Capitalism searches out the darkest corners of human potential, and mainlines them.

by geezer in Paris (risico at wanadoo(flypoop)fr) on Sun Jan 4th, 2009 at 10:14:45 AM EST
addition to Speth's piece. You're from 'Education'. Do you sometimes think that all of this train-to-the-test emphasis of the last 8 years or so has been foisted simply to avoid these wider questions in the school environment?

paul spencer
by paul spencer (spencerinthegorge AT yahoo DOT com) on Sun Jan 4th, 2009 at 11:07:46 AM EST
[ Parent ]
The mechanisms of pedagogical perpetuation (sorry- I seem to be stuck in alliteration) of neoliberalism need not be a part of a conspiracy theory-- just the sad result of a couple processes:
--a century and a half (or so) of intellectual pandering by tame theorists and universities who make it their business to produce intellectual fig leaves (The Invisible Hand, Market Forces, Free Trade,  etc.)for the professional plunderer class that emerged with the mercantile (spelled Capitalist) overclass, and
--Once the production of endless garages filled with "stuff" became not only possible, but became recognized as the most addictive political event and powerful mode of social control in human history--
It was a done deed.

Once we were good and well hooked, the media and the schools fell right into line.

 

Do you sometimes think that all of this train-to-the-test emphasis of the last 8 years or so has been foisted simply to avoid these wider questions in the school environment?

Of course, but to "foist" implies a human agency and a plan-- and it's probably not that. It's part of a process implicit in the consumer society, and in a view of the world as endless competition, endless battle-- a battle to "conquer nature", to tame the wilds, to gain market share--then rape them. If you conduct your affairs at the point of a gun (as we do) or based on plunder, you probably need to massage the narrative into a less ugly version.

This is all over, Paul. resource scarcity has resurrected the much-maligned but resurgent Malthusian dialog.
What was Jimmy Buffet's prophetic lyric?

"Cannon's don't thunder, and there's nothing to plunder,
I'm an over-forty victim of fate--"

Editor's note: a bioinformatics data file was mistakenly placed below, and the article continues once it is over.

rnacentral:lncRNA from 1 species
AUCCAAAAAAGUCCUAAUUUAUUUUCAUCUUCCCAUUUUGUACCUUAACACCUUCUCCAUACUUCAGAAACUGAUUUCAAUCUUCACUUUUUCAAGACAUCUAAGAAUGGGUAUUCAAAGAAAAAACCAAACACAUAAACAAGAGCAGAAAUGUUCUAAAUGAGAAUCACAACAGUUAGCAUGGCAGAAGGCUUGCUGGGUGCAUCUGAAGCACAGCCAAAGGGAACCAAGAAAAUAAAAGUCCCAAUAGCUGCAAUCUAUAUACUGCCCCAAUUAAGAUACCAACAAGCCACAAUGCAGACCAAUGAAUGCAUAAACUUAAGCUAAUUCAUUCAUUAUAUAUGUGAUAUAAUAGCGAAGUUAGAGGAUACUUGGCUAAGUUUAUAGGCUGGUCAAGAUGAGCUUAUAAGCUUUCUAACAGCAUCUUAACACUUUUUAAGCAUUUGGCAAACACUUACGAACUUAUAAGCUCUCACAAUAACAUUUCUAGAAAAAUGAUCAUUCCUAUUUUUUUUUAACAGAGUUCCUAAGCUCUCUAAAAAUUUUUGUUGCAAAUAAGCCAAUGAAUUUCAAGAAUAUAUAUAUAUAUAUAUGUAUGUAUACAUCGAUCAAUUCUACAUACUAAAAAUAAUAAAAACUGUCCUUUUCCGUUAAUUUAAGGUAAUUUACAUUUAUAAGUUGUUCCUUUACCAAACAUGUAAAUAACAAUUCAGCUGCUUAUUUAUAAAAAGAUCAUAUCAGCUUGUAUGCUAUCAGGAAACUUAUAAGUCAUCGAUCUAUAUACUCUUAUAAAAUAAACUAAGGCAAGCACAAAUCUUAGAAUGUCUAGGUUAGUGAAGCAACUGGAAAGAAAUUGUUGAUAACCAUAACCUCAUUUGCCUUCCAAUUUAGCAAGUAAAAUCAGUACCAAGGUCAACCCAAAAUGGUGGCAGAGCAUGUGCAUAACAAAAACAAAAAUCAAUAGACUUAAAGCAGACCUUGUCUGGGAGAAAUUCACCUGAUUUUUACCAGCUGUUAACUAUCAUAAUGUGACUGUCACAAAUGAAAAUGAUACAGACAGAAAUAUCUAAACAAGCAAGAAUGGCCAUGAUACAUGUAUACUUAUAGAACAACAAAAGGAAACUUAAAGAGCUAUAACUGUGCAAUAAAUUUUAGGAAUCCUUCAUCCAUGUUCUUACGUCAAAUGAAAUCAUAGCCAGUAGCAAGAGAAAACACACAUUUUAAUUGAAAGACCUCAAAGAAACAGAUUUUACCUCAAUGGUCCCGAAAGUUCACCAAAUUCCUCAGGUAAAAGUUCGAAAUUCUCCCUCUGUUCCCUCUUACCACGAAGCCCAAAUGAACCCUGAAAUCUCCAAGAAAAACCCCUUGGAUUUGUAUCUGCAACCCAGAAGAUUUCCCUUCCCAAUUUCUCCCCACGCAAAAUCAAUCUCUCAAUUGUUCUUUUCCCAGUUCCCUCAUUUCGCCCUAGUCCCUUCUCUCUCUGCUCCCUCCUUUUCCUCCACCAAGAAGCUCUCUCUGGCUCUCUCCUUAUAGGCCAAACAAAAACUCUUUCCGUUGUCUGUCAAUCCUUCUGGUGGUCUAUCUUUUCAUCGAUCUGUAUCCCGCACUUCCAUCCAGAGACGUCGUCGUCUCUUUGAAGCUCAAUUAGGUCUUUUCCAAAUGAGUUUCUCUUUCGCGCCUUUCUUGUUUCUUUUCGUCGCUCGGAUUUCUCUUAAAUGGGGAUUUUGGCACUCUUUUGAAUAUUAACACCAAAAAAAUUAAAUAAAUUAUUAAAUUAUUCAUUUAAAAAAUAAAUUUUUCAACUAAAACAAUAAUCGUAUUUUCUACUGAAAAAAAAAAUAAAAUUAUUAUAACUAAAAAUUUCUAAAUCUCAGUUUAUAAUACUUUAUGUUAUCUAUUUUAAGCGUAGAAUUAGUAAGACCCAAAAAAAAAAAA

Bush declared victory in Iraq, and is packing up.
Israel is trying one last blast of savagery in Palestine, and it will accomplish just what we did in Iraq--nothing.
But not only are the cannons losing their thunder, --we already plundered most of the world, and broke ourselves in the process.

The problem I see is that people will realize this fact about two decades after it's too late to fix.

Giroux's piece was called "Beyond Bailouts". This topic, (and Speth's) is at the heart of the process of replacing exploitive and consumptive patterns of life with policy and patterns more in accord with physical and social realities--which is what ET should be about, in my opinion. The overwhelming response to your diary helps to explain my long absences from here, as much as summer vacations.
Thanks again.
 

Capitalism searches out the darkest corners of human potential, and mainlines them.

by geezer in Paris (risico at wanadoo(flypoop)fr) on Mon Jan 5th, 2009 at 04:35:52 AM EST
[ Parent ]
I didn't mean to necessarily imply a conspiracy theory. That is, it could be a C.T., but it could also be a nearly subliminal process. Many people, including many teachers, do not want to be involved in a debate. Almost all of the 'larger questions' are contentious to some degree. If the upper echelons say to you, "Here's your marching orders: This is the test that we upper echelons have all agreed to use. Your job is to teach to this test."; then there is little argument - at least until the opposition gets organized. Makes life easier for awhile.

Your penultimate sentence indicates some disenchantment with the response here. Don't fret, please. There are many important topics, and folks have their priorities.

paul spencer

by paul spencer (spencerinthegorge AT yahoo DOT com) on Mon Jan 5th, 2009 at 11:06:23 AM EST
[ Parent ]